If you grew up wanting to be a doctor, after seeing TV shows such as House MD, Scrubs, or Grey's Anatomy you probably expected that your day-to-day involved holding an X-Ray against a backlight and discussing a case with colleagues.
While this might have short of happened at some point, this approach is, nowadays, rather obsolete. Hospitals and clinics have integrated digital health approaches that eliminated scenarios like the one we’ve just described – we are very sorry if you got disappointed. It’s for the better.
This technical evolution was made possible thanks to DICOM, a technology used in healthcare to enhance how imaging data is stored and transmitted within hospitals and clinics.
You might think that, just like knowing how the lights go on and off, this knowledge might seem irrelevant to your day-to-day activity. But that’s not true. Understanding DICOM and having good knowledge of how to use it can bring new tools to your clinical practice.
This article will clarify the information that you always wondered about – such as what file format is a CT scan –, but also touchpoints like:
- What is DICOM in healthcare
- How to use them in your day-to-day clinical practice
- What is the difference between DICOM and PACS
- How this medical imaging technology is helping transform healthcare
What is DICOM and how it's used?
DICOM means Digital Imaging and Communications in Medicine and is the standard file format used to transmit medical images. When a patient is submitted to a radiology exam, such as a CT Scan, the imaging information is converted into a DICOM file. This file is a universal format that can be understood by different systems.
From a day-to-day viewpoint, it can be compared to a PDF file. Word processors create documents in PDF files to make sure that the information is not messed up when read on a different system – for example, a printer or a different operating system.
The same principle is applied to DICOM. Imaging equipment manufacturers, like CT Scans or MRIs, need a universal format that can be understood by other types of equipment.
However, more than communication between devices, using DICOM brings several advantages to clinical practice.
In the classic format of radiology exams, support information would be attached to a physical folder containing the exam. However, the digitalization of information is another reason DICOM in radiology is a transformation for the better.
Patient information such as name, identification number, the reason for exam, and medical report can be attached to the DICOM file. This reduces drastically both storage costs and how information systems are used to make the clinical data flow, as radiologists can make comments or notes to colleagues (such as orthopedic surgeons) that they are sure won't be lost.
Another step toward a paper-free more sustainable hospital.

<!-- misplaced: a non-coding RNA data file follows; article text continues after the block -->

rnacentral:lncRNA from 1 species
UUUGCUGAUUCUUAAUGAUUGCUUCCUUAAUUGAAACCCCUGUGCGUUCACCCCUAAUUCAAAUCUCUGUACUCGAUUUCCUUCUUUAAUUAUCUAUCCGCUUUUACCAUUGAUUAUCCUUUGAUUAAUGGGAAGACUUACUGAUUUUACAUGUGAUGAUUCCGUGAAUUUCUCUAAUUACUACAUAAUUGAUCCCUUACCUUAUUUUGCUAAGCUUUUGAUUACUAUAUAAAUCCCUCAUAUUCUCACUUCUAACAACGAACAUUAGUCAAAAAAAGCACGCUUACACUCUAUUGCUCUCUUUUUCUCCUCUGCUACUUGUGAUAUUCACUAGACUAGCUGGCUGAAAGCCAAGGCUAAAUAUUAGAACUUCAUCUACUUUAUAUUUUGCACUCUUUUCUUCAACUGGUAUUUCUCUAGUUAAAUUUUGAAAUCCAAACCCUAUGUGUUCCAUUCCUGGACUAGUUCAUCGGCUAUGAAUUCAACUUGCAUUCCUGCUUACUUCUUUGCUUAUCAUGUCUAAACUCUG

However, in communications in medicine, DICOM is not the only player. PACS is an essential part to optimize the process. How?
What is the difference between DICOM and PACS?
PACS, which stands for Picture Archiving and Communication System, allows for information to be stored and transmitted within a healthcare organization. Often healthcare professionals try to compare DICOM vs PACS.
These, however, are complementary to each other and not competitors and what healthcare institutions should look for is how DICOM integrates with PACS.
In short, a PACS Server (or system) is how the information travels and is stored. DICOM files, on the other hand, are the “language” used for this process to happen and for different types of equipment to understand each other.
Another practical day-to-day example would be that two people can talk to each other, but the communication would be optimized if they both speak the same language. For that matter, what a DICOM format is in healthcare can be summarized as a universal language between PACS systems.
As we’ve pointed out, DICOM eliminates the need for physical folders with exams. Combined with PACS, imaging equipment can transfer the patient exam and information directly and instantly to the radiology station for reporting and later, for instance, to the orthopedic surgeon for evaluation.
As such, comparing PACS vs DICOM does not make sense, as they are two parts of a whole.
New Imaging Technologies: how DICOM integrates with PACS
Integrating DICOM and PACS technology in their imaging systems, healthcare is reducing costs and boosting efficiency – while still opening doors to new clinical technologies such as orthopedic digital templating, in the case of orthopedic surgery.
In the case of orthopedics, PeekMed integrates with all PACS systems. This allows for orthopedic surgeons to access the network, search for a specific patient, and in a matter of seconds import the DICOM files directly to the preoperative planning system.
This is just the tip of the iceberg for the use of Digital Imaging and Communications in Medicine combined with other technologies, tho. As we’ve pointed out, orthopedic technology is on the rise and influencing and improving solutions such as DICOM, too.